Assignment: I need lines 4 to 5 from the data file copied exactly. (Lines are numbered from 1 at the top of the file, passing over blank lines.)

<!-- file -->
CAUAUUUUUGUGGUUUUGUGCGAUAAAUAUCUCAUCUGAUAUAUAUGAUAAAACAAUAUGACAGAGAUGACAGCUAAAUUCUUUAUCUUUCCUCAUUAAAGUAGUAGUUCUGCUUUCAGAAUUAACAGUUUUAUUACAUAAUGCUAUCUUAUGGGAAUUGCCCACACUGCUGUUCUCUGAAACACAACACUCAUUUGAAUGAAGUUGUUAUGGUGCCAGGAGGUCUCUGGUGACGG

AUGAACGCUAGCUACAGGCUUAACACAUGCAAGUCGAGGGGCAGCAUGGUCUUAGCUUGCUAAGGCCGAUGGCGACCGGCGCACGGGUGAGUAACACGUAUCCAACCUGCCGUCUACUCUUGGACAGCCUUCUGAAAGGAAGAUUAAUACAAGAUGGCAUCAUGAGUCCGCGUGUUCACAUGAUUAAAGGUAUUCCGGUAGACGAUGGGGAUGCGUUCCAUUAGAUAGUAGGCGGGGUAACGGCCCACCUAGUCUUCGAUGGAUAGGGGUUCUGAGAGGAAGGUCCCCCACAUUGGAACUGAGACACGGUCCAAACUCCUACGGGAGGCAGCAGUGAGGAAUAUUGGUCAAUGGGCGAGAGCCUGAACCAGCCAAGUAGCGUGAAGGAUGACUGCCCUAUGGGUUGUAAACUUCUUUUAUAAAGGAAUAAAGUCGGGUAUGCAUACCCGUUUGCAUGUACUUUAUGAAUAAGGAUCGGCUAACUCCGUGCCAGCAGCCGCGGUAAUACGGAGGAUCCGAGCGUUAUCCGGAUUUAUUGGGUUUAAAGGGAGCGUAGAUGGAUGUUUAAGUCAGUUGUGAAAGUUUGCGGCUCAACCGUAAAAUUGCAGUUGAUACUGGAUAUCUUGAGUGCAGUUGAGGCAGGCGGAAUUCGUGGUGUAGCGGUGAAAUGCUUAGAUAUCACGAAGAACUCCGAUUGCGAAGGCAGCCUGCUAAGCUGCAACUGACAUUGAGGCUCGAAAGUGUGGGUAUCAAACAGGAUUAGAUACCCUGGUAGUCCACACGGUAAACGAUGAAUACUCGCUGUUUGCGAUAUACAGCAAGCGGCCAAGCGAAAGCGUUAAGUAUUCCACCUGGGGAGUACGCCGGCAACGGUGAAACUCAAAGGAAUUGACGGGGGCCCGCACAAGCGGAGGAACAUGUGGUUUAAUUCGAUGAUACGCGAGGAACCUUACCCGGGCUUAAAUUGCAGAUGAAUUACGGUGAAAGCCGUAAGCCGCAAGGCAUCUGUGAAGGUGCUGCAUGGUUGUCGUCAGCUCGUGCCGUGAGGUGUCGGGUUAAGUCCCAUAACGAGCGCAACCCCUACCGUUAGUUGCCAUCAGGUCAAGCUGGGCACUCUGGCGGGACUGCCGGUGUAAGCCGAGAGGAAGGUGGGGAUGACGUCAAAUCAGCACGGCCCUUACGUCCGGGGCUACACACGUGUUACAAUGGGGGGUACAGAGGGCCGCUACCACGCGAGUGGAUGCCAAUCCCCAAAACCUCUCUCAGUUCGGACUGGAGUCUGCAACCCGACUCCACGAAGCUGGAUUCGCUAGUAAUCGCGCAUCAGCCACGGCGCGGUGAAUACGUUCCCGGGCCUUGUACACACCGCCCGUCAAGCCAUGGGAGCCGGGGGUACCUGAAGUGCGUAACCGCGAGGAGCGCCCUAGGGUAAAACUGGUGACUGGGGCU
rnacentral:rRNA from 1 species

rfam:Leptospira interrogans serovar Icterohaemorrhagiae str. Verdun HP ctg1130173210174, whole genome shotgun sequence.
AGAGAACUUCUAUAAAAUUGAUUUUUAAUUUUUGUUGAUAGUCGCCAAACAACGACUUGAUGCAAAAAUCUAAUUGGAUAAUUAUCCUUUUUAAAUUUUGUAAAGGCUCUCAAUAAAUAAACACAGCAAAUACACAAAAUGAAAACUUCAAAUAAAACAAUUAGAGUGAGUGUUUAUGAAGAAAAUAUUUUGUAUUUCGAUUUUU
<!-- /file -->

rfam:Leptospira interrogans serovar Icterohaemorrhagiae str. Verdun HP ctg1130173210174, whole genome shotgun sequence.
AGAGAACUUCUAUAAAAUUGAUUUUUAAUUUUUGUUGAUAGUCGCCAAACAACGACUUGAUGCAAAAAUCUAAUUGGAUAAUUAUCCUUUUUAAAUUUUGUAAAGGCUCUCAAUAAAUAAACACAGCAAAUACACAAAAUGAAAACUUCAAAUAAAACAAUUAGAGUGAGUGUUUAUGAAGAAAAUAUUUUGUAUUUCGAUUUUU